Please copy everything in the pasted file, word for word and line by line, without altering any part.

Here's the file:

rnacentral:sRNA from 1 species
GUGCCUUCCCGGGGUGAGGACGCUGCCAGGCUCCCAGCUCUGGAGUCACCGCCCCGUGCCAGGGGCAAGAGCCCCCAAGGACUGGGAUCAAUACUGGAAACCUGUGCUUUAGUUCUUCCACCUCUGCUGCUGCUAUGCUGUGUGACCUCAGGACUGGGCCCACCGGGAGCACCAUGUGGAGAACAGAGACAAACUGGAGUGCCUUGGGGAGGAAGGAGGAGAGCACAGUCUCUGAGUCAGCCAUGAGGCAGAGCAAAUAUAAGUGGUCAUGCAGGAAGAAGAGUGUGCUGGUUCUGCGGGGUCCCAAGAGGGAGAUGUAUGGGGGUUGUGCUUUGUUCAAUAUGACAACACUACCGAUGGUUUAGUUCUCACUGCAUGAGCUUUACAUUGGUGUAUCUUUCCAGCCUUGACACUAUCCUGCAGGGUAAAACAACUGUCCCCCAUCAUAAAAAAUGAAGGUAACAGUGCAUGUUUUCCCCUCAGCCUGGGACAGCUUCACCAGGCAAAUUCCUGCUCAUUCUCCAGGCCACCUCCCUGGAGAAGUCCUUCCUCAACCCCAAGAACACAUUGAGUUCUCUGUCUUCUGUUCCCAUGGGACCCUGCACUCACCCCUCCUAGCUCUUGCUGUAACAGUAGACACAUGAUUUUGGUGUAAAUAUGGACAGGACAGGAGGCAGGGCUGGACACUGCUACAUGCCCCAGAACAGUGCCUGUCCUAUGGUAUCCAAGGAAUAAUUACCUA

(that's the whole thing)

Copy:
rnacentral:sRNA from 1 species
GUGCCUUCCCGGGGUGAGGACGCUGCCAGGCUCCCAGCUCUGGAGUCACCGCCCCGUGCCAGGGGCAAGAGCCCCCAAGGACUGGGAUCAAUACUGGAAACCUGUGCUUUAGUUCUUCCACCUCUGCUGCUGCUAUGCUGUGUGACCUCAGGACUGGGCCCACCGGGAGCACCAUGUGGAGAACAGAGACAAACUGGAGUGCCUUGGGGAGGAAGGAGGAGAGCACAGUCUCUGAGUCAGCCAUGAGGCAGAGCAAAUAUAAGUGGUCAUGCAGGAAGAAGAGUGUGCUGGUUCUGCGGGGUCCCAAGAGGGAGAUGUAUGGGGGUUGUGCUUUGUUCAAUAUGACAACACUACCGAUGGUUUAGUUCUCACUGCAUGAGCUUUACAUUGGUGUAUCUUUCCAGCCUUGACACUAUCCUGCAGGGUAAAACAACUGUCCCCCAUCAUAAAAAAUGAAGGUAACAGUGCAUGUUUUCCCCUCAGCCUGGGACAGCUUCACCAGGCAAAUUCCUGCUCAUUCUCCAGGCCACCUCCCUGGAGAAGUCCUUCCUCAACCCCAAGAACACAUUGAGUUCUCUGUCUUCUGUUCCCAUGGGACCCUGCACUCACCCCUCCUAGCUCUUGCUGUAACAGUAGACACAUGAUUUUGGUGUAAAUAUGGACAGGACAGGAGGCAGGGCUGGACACUGCUACAUGCCCCAGAACAGUGCCUGUCCUAUGGUAUCCAAGGAAUAAUUACCUA